Dist 117 Won’t Exclude Staff Unless State Assumes Legal Liability

By Jeremy Coumbes on September 24, 2021 at 8:34pm

The District 117 Superintendent says those who issued the vaccination mandate should bear the legal liability, as lawsuits begin to mount around the state.

In a letter addressed to State Superintendent of Schools, Dr. Carmen Ayala, and copied to the State Board of Education and Governor J .B. Pritzker on Friday, District 117 Superintendent Steve Ptacek says staff members who do not comply with the executive order requiring vaccination or testing, will not be excluded until steps are taken to remove or lessen the legal risks.

Many school districts throughout Illinois have received letters from attorneys representing employees that have claimed exemption from testing under the Health Care Right of Conscience Act (HCRCA).

Ptacek says if the district excludes staff that are not complying with Executive Order 2021-20, it assumes substantial legal risk, but if the District does not exclude employees, it is then in defiance of an executive order.

Ptacek says he has received advice from more than one attorney, and each firm has issued a similar non-committal response that shows how far districts are now treading into legally unknown waters.

The testing itself can be argued by attorneys that that is something that cannot be mandated under that act. Now I have listened to multiple law firms and they are saying that there is a likely chance that [school] districts could win a claim under HCRCA, but there is always a chance they could lose. And either way, it could take years and hundreds of thousands of dollars in attorney fees to come to that final conclusion.”

Ptacek says the solution to the problem is very easy, so long as state leaders are willing to actually lead.

And that is for the Governor to clearly state that it does not apply, the legislature to actually alter the act to make sure that it does not apply or to clearly state that it does apply, either way giving us a direction.

And at this point in time, our attorney feels that the ISBE would clearly state the repercussions to school districts that fail to comply with the executive order, and that provides them with a very strong legal stance to argue that it is not our decision but the Governor acting through the ISBE’s decision to enact this executive order. Therefore we would not be the prime defendant.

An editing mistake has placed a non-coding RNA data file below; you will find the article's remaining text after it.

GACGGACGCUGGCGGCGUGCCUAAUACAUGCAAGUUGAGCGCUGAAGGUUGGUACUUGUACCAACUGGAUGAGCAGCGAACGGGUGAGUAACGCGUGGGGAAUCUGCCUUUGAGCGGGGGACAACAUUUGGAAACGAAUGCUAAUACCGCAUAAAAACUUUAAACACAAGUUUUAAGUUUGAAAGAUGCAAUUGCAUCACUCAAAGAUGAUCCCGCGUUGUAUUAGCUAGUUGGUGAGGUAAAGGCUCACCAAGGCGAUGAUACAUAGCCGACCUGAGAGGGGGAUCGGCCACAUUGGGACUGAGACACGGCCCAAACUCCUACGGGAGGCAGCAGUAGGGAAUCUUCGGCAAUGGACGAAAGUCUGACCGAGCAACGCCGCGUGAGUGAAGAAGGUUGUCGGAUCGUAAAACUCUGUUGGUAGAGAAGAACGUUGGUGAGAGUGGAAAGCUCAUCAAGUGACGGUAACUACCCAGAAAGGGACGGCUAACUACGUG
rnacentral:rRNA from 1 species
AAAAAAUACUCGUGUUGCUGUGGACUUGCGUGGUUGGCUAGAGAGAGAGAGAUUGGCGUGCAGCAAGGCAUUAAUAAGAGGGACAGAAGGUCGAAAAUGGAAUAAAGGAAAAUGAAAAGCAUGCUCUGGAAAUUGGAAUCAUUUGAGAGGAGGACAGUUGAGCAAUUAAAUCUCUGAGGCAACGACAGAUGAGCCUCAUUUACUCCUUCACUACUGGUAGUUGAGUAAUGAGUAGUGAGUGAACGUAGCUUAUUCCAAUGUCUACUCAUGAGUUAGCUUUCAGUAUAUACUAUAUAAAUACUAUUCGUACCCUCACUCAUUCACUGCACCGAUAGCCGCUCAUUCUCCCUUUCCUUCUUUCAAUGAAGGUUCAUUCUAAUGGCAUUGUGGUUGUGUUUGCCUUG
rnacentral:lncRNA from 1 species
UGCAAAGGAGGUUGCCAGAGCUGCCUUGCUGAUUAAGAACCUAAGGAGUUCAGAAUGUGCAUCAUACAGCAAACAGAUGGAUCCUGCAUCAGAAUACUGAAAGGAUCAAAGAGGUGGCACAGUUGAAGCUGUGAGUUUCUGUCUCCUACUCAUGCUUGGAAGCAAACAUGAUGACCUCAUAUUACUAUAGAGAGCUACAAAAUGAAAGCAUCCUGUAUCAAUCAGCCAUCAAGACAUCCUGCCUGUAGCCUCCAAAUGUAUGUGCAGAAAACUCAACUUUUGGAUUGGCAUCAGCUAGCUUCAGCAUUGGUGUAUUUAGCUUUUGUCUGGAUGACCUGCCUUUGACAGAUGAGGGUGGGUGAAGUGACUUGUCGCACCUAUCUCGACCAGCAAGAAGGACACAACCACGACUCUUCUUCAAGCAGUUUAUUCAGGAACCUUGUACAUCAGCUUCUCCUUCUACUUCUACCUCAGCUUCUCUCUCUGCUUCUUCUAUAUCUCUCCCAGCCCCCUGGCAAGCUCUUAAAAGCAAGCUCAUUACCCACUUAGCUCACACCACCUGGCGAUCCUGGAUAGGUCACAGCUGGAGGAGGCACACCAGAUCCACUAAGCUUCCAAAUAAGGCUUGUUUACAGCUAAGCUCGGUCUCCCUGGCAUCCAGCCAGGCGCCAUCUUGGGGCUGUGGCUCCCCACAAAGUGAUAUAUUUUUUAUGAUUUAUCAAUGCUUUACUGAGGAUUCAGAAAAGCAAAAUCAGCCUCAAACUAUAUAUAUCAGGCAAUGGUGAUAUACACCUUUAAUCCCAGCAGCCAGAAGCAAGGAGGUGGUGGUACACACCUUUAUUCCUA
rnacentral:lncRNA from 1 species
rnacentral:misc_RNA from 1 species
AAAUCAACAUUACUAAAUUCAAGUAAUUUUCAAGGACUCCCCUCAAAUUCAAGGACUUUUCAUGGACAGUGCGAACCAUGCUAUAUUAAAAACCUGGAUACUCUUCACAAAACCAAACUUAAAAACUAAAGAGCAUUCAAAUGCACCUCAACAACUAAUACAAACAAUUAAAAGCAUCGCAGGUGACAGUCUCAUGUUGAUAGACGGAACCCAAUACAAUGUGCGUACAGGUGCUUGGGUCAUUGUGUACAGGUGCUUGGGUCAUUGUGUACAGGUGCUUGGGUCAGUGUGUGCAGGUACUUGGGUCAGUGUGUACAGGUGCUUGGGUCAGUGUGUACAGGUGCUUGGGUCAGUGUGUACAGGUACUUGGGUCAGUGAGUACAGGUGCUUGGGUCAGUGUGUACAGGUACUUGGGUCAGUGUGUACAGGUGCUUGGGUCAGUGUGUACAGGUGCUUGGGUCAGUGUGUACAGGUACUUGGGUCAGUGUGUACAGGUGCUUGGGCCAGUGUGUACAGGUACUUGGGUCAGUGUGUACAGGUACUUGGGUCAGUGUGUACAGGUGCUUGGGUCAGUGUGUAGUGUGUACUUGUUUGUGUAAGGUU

And as showing in many legal cases that have been occurring throughout the state, it is the local school district that is taking the brunt of the legal defense of the Governor’s executive orders. And I just feel strongly, and I am taking a strong stance that that needs to stop.”

Ptacek says until school districts are given some action by the state that lessens their legal liability, or an act that removes the question in its entirety, the risk involved with excluding somebody who has made a claim under HCRCA is so substantial to the taxpayers he feels he is not doing his job if he were to move forward and place District 117 and the community in that risk.

As given by our attorney, someone who has a total benefits package of fifty thousand dollars a year that say were to lose their job or were to be out for a year, that could take years and end up with a half a million dollars in penalties and legal fees for each incident.

Right now I need to know from the ISBE what are the actual ramifications we are going to receive by not following the executive order so we can then actually compare risk.”

Ptacek says the purpose of the letter was not to talk out against or for the executive order, and he wants to make it clear that District 117 will “stay in our lane” and not defy any executive order.

He says if he receives notice that the district is facing a substantial loss by not fully complying, it will immediately fully comply.

Ptacek says he hopes something can be done soon to help all school districts that are now in this extremely precarious position.